Siôn Griffiths’ Humanoids from Outer Space – an homage to the atomic age of cinema – continues with Chapter 4: The Chief that Fell to Earth and Chapter 5: The Day Wales Stood Still.
Liverpool Horror Club (LHC) and Two-Headed Snake Entertainment presented their second The Dead of Night Film Festival – this time in Liverpool – and like all LHC events there was a great club atmosphere where everyone is friendly, and you can chat to the people involved in the festival and the films.
“Liverpool’s only horror film festival!”
Broke Horror Fan presents two brand-new VHS tapes loaded with Halloween horror: the indie horror anthology Dead by Midnight (11pm Central) and a double feature of two horror shorts, Dark Roast and Root of All Evil.
“Punk’s not dead… yet.”
Siôn Griffiths’ Humanoids from Outer Space – a throwback to the science fiction B movies of the 1950s – continues with Chapter 2: 20 Million Miles to Wales and Chapter 3: Attack of the Humanoids.
“If I don’t save the world, then who the hell will?”
Defarious is gorgeously shot, with a tinged-blue colour pallet reminiscent of 80’s retro horror, with hints of slasher genre thrown in. Pallante is able to build the atmosphere well with an easy on the eye leading lady – Janet Miranda (as Amy) – and a wonderfully large environment to broaden its scope. As Amy roams the house her visions manifest into a crazed killer or demon, which raises the questions of what’s reality and what’s only in her head. Overall Defarious hits a few marks. Not as unsettling as it thinks it is, but is a nice nod to the inspired classics of the 1980s.
“Fear is all in the mind.”
Written and directed by Siôn Griffiths, Humanoids from Outer Space is a throwback to the science fiction B movies of the 1950s; an homage to Ed Wood, Tommy Wiseau, and the atomic age of cinema.
“Their mission is to destroy humanity. Can these alien humanoids be stopped?”
Coerced by his scheming brother and locked away in a grimy upstairs flat, sickly Frank is the talented, money-making half of a peculiar business endeavour in which paying punters communicate with deceased acquaintances via his distended stomach. With a tube in his mouth and a stethoscope pressed against his grotesque gut (bloated with the manifestations of the dead), good ol’ Frankie acts as a middle-man between this world and the next.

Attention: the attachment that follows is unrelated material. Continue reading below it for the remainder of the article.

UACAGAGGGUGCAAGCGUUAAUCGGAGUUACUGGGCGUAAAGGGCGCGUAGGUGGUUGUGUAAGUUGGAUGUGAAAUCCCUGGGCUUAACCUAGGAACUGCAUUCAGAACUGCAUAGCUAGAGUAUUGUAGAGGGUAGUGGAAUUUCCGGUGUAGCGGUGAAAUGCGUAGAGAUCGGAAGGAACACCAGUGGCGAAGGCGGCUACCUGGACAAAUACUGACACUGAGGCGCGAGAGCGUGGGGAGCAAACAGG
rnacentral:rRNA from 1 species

“Your inside his stomach…”
Catastrophe can — and often does — happen in the blink of an eye, even in places that should be prepared for any eventuality. In The Rage, even a laboratory working with a dangerous virus, one place where everything had better be under strict control, can see all its safety protocols fall apart in an instant, leaving nothing but chaos behind. One moment, Joe and Terry, fellow lab techs at New Bio Energy Labs, are having a nice chat on a Monday morning, and the next Terry is on the floor writhing in pain and screaming in terror. It’s a great example of a compelling short made on very little budget.
“This is not a drill.”
It’s extremely rare that a director creates a sequel to a short film, but director David Teixeira obviously felt he wasn’t finished with his tale of ‘Bloody Mary’.
The first film told the story of three friends, Jess, Alyson and Chloe who spend the Halloween weekend at their friend’s country home partying. Late into the night they accidentally summon the legend of ‘Bloody Mary’ after speaking her name three times. We now pick up the story with Jess staying with her friend Pierre, trying to recover from the incident the year before.
To achieve a successful short film firstly you need to have a solid idea. Having such a short space of time to tell an entire story is an extremely difficult feat, but when it’s done right it’s a joy.
Girls Night from director David Teixeira tells the story of 3 friends, Jess, Alyson & Chloe, who are kindly permitted to use their friend’s home for the weekend and have a girls only Halloween party. It’s here that the legend of ‘Bloody Mary’ comes up…
“Bloody Mary. Bloody Mary. Bloody Mary.”
Bad Acid is a lesson for those who crave fame at all costs, however fleeting, and delivers in every area for classic horror fans; leaving us guessing right until its ambiguous end. With only a hint of gore in the form of crime scene photographs, it really is a fine example of how to stimulate the senses through suggestion rather than brute force – a little like hypnotism, albeit, erm, real – and manages to conjure some genuine laughs and hair-raising moments in the process. Fancy a trip? If so, let David Chaudoir’s unconventional horror short, Bad Acid, consume you…
“Famous, I was! Everybody knew my name.”
The Rage 2 is the sequel to the 2017 multi-award winning short horror film The Rage; written, directed and produced by Joshua Cleave. A chemical scientist and a small team of soldiers have been sent to investigate the bio lab where a deadly virus was accidentally released.